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DATE: April 29, 2020 (Date of pronouncement)
DATE: May 8, 2020 (Date of publication)
AY: -
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TDS u/s 115BBA, 194E & DTAA: As the payments to the Non-Resident Sports Associations represented their income which accrued or arose in India u/s 115BBA, the assessee was liable to deduct Tax at Source u/s 194E. The obligation to deduct Tax at Source u/s 194E is not affected by the DTAA. In case the exigibility to tax is disputed by the recipient, the benefit of DTAA can be pleaded and the amount in question will be refunded with interest. But, that by itself, cannot absolve the liability to deduct TDS u/s 194E of the Act (Eli Lilly (2009) 15 SCC 1 & G.E. India Technology Centre 327 ITR (SC) referred)

The obligation to deduct Tax at Source under Section 194E of the Act is not affected by the DTAA and in case the exigibility to tax is disputed by the assesse on whose account the deduction is made, the benefit of DTAA can be pleaded and if the case is made out, the amount in question will always be refunded with interest. But, that by itself, cannot absolve the liability under Section 194E of the Act.In the premises, it must be held that the payments made to the Non-Resident Sports Associations in the present case represented their income which accrued or arose or was deemed to have accrued or arisen in India. Consequently, the Appellant was liable to deduct Tax at Source in terms of Section 194E of the Act.

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DATE: April 24, 2020 (Date of pronouncement)
DATE: April 25, 2020 (Date of publication)
AY: -
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Taxability of Liaison Offices under DTAAs: The activities carried on by the liaison office of the non-resident in India as permitted by the RBI, demonstrate that the liaison office must steer away from engaging in any primary business activity and in establishing business connection as such. It can carry on activities of preparatory or auxiliary nature only. A liaison office which is only carrying on such activity of a "preparatory or auxiliary" character is not a PE in terms of Article 5 of the DTAA. The deeming provisions in Sections 5 and 9 of the 1961 Act can have no bearing whatsoever (all imp judgements referred)

The meaning of expressions “business connection” and “business activity” has been articulated. However, even if the stated activity(ies) of the liaison office of the respondent in India is regarded as business activity, as noted earlier, the same being “of preparatory or auxiliary character”; by virtue of Article 5(3)(e) of the DTAA, the fixed place of business (liaison office) of the respondent in India otherwise a PE, is deemed to be expressly excluded from being so. And since by a legal fiction it is deemed not to be a PE of the respondent in India, it is not amenable to tax liability in terms of Article 7 of the DTAA.

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DATE: March 13, 2020 (Date of pronouncement)
DATE: March 25, 2020 (Date of publication)
AY: 2012-13
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S. 44DA prevails over s. 44BB after the amendment w.e.f. 01.04.2011. Income from provision of services through high end customized software does not constitute "Fees For Technical Services" u/s 9(1)(vii) as the definition excludes income from "mining or like project". The Q whether income from composite software and maintenance services constitutes "royalty" for purposes of s. 44DA would have to be decided from the nature of services. The assessee is eligible to take benefit of the definition of 'royalty' as per the DTAA for the purpose of applicability of s. 44DA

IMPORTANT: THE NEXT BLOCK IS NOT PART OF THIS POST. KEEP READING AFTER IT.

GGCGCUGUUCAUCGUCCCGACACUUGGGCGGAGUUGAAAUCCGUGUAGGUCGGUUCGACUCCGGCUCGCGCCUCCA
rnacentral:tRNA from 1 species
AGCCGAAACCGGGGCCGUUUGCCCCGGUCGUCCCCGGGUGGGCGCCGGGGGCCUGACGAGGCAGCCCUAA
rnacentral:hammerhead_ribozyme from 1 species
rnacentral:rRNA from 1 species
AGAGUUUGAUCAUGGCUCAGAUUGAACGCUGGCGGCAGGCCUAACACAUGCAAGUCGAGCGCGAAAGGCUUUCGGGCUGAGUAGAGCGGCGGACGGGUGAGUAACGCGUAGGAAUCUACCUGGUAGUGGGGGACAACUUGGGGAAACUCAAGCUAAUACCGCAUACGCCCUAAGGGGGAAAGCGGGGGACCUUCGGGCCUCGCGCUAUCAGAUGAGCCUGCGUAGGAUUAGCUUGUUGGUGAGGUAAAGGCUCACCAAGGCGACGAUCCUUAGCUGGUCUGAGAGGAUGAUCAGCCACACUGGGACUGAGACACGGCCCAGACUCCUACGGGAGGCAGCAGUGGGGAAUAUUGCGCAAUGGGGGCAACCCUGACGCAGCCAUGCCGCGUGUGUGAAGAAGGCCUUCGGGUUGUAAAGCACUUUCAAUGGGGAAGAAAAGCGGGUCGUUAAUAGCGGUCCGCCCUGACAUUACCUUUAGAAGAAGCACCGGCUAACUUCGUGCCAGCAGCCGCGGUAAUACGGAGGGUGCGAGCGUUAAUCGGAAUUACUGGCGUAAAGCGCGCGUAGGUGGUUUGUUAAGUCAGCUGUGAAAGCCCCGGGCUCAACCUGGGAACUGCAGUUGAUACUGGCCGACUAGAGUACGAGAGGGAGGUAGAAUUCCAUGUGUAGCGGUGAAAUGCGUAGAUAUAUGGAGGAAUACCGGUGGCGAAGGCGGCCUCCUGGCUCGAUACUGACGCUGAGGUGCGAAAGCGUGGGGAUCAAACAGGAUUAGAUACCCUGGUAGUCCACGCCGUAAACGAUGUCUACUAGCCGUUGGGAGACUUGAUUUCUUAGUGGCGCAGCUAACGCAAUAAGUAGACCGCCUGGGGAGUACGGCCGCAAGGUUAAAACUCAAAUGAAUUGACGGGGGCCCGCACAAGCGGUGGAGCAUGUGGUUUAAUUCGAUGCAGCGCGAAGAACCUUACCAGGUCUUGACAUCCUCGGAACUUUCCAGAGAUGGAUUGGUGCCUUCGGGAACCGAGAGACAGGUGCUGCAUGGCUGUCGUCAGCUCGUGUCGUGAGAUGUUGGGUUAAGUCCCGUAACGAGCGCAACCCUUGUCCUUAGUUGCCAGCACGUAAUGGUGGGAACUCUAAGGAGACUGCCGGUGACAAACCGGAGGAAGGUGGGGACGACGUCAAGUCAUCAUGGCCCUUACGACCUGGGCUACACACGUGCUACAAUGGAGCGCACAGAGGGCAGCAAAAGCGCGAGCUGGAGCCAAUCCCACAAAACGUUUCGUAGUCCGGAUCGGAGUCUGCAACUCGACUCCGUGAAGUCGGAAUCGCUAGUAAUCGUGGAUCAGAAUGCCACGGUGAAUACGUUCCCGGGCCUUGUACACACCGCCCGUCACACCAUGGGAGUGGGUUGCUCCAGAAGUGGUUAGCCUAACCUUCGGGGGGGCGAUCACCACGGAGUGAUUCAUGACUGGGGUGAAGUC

If the nature of services rendered have a proximate nexus with the extraction of production of mineral oils, it would be outside the ambit of the definition of FTS. In the instant case, since the nature of services rendered by the Petitioner gets excluded from the definition of “FTS”, in light of what is discussed above, the next logical question that arises for consideration is whether the Petitioner can claim the benefit of Section 44BB. The answer to this question is contingent on factual determination, as the legal position has changed from April 01, 2011. It is now required to be considered whether the receipts in the hands of the assessee qualify to be “royalty” or not? If the answer to this question is in the affirmative, then in that event, the relevant provision would now be 44DA(1).

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DATE: March 19, 2020 (Date of pronouncement)
DATE: March 25, 2020 (Date of publication)
AY: 2015-16
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S. 5, 9 + DTAA: The payment by an Indian company to a foreign celebrity (Nicholas Cage) for an appearance by him in Dubai, UAE, in a product launch event for promoting the business of the assessee in India, is taxable as arising from a "business connection" and also under Article 23(1) of Inda-USA tax treaty (All imp judgements referred)

business models are constantly evolving, and as the rapid communication modes such as internet and social media have completely transformed the way businesses communicate, it is time that the law is seen in tandem with the ground realities of the business world, rather than in the strict confines of what was decided in the judicial precedents, in the context of a different business world when these ground realities did not exist. Today, virtual and intangible business connections are perhaps far more critical, important and commonplace than the conventional brick and mortar business connections half a century ago, and, therefore, to disregard these business connections as a real and intimate business connection leading to earning of income by the non-residents, only because Hon’ble Courts, while delivering judgments several decades ago, could not visualize the same and hedge their observations about such possibilities, will certainly be travesty of justice.